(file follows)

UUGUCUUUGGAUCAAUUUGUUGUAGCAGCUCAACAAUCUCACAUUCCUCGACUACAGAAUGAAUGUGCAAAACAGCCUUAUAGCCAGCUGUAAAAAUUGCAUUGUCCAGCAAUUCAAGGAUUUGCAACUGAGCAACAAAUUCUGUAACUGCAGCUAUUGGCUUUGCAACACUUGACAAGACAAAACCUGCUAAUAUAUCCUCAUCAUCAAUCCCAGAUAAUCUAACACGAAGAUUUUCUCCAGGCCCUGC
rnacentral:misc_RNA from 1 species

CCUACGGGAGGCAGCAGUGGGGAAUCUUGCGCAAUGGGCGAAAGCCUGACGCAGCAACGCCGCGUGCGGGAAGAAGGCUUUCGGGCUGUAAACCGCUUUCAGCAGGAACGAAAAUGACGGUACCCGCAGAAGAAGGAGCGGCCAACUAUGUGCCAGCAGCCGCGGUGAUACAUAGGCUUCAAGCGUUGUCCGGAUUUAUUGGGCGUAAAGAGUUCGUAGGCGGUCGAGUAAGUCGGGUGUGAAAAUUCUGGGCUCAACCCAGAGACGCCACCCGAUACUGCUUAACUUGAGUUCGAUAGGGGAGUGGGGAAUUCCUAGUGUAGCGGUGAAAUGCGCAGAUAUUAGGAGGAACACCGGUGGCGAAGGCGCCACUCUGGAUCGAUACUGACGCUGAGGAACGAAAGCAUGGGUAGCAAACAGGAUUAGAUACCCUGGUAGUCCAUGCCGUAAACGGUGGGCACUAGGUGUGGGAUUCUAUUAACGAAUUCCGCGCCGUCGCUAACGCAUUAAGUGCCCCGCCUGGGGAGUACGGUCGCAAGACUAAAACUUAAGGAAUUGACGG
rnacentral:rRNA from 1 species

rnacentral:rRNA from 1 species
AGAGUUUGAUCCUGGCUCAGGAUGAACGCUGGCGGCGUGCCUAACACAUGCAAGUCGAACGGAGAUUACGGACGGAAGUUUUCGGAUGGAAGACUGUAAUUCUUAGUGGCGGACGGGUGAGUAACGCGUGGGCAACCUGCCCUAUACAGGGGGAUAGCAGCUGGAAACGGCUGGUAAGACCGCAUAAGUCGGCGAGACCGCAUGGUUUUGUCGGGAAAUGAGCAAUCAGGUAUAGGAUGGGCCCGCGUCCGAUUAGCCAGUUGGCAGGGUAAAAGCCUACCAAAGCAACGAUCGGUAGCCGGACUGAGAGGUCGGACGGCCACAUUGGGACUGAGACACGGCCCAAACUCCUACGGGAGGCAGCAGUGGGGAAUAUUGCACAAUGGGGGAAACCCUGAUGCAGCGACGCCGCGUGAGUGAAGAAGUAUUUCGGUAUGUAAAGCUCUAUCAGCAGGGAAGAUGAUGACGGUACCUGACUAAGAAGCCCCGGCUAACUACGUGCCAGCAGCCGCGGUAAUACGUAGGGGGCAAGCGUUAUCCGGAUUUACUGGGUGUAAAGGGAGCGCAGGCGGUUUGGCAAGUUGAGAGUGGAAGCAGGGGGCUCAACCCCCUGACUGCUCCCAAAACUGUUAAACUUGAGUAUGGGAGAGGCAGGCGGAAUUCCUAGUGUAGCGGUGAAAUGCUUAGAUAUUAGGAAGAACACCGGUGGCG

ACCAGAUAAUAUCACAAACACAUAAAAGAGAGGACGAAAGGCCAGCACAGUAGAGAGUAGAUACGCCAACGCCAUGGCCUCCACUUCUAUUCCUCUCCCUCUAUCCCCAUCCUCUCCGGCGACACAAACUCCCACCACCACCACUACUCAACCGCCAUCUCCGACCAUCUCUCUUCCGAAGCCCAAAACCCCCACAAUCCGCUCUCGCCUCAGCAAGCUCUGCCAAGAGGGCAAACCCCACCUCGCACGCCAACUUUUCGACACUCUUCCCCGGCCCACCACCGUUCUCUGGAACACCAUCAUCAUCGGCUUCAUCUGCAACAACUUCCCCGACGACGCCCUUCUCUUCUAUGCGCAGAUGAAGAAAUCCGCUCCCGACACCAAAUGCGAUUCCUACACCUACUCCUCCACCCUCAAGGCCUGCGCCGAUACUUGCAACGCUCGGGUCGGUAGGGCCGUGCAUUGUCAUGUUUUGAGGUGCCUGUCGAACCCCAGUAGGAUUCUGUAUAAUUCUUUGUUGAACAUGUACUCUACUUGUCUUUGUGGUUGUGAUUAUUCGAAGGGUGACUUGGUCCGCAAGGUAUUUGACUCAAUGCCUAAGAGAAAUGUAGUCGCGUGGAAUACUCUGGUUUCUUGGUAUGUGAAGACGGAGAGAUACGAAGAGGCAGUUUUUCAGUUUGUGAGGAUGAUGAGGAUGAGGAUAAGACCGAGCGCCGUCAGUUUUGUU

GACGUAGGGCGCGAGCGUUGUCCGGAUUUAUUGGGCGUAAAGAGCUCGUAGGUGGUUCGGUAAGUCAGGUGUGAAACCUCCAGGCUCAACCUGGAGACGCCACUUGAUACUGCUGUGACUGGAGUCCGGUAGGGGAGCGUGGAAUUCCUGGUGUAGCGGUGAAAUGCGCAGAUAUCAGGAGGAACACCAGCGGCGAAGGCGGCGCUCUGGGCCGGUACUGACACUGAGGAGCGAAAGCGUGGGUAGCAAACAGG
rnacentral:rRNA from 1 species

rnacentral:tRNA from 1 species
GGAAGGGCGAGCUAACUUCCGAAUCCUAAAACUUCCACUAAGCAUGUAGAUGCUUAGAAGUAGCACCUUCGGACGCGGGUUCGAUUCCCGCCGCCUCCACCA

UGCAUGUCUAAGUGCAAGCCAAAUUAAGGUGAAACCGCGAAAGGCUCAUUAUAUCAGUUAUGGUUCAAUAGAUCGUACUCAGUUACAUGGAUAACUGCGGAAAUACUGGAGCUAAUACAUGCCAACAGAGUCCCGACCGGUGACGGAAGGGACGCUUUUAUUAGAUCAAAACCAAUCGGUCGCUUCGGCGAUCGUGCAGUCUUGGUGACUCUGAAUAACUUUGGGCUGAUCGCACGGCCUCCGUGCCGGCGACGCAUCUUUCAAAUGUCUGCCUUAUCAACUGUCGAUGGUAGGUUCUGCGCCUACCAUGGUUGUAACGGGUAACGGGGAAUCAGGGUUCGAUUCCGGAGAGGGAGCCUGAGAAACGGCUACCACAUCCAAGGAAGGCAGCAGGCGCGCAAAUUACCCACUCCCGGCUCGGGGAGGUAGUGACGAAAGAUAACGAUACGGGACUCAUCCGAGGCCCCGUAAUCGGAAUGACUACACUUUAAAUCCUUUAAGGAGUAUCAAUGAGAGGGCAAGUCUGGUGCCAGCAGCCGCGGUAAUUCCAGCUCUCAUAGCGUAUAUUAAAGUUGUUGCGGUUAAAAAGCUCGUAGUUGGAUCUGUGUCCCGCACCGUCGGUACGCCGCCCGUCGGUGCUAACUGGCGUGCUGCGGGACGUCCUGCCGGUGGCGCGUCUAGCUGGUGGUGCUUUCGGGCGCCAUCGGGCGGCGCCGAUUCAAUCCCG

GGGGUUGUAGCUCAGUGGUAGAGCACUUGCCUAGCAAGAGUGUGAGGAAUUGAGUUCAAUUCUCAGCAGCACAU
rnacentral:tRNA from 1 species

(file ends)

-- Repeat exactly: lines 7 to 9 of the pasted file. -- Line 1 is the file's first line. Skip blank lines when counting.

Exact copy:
ACCAGAUAAUAUCACAAACACAUAAAAGAGAGGACGAAAGGCCAGCACAGUAGAGAGUAGAUACGCCAACGCCAUGGCCUCCACUUCUAUUCCUCUCCCUCUAUCCCCAUCCUCUCCGGCGACACAAACUCCCACCACCACCACUACUCAACCGCCAUCUCCGACCAUCUCUCUUCCGAAGCCCAAAACCCCCACAAUCCGCUCUCGCCUCAGCAAGCUCUGCCAAGAGGGCAAACCCCACCUCGCACGCCAACUUUUCGACACUCUUCCCCGGCCCACCACCGUUCUCUGGAACACCAUCAUCAUCGGCUUCAUCUGCAACAACUUCCCCGACGACGCCCUUCUCUUCUAUGCGCAGAUGAAGAAAUCCGCUCCCGACACCAAAUGCGAUUCCUACACCUACUCCUCCACCCUCAAGGCCUGCGCCGAUACUUGCAACGCUCGGGUCGGUAGGGCCGUGCAUUGUCAUGUUUUGAGGUGCCUGUCGAACCCCAGUAGGAUUCUGUAUAAUUCUUUGUUGAACAUGUACUCUACUUGUCUUUGUGGUUGUGAUUAUUCGAAGGGUGACUUGGUCCGCAAGGUAUUUGACUCAAUGCCUAAGAGAAAUGUAGUCGCGUGGAAUACUCUGGUUUCUUGGUAUGUGAAGACGGAGAGAUACGAAGAGGCAGUUUUUCAGUUUGUGAGGAUGAUGAGGAUGAGGAUAAGACCGAGCGCCGUCAGUUUUGUU

GACGUAGGGCGCGAGCGUUGUCCGGAUUUAUUGGGCGUAAAGAGCUCGUAGGUGGUUCGGUAAGUCAGGUGUGAAACCUCCAGGCUCAACCUGGAGACGCCACUUGAUACUGCUGUGACUGGAGUCCGGUAGGGGAGCGUGGAAUUCCUGGUGUAGCGGUGAAAUGCGCAGAUAUCAGGAGGAACACCAGCGGCGAAGGCGGCGCUCUGGGCCGGUACUGACACUGAGGAGCGAAAGCGUGGGUAGCAAACAGG
rnacentral:rRNA from 1 species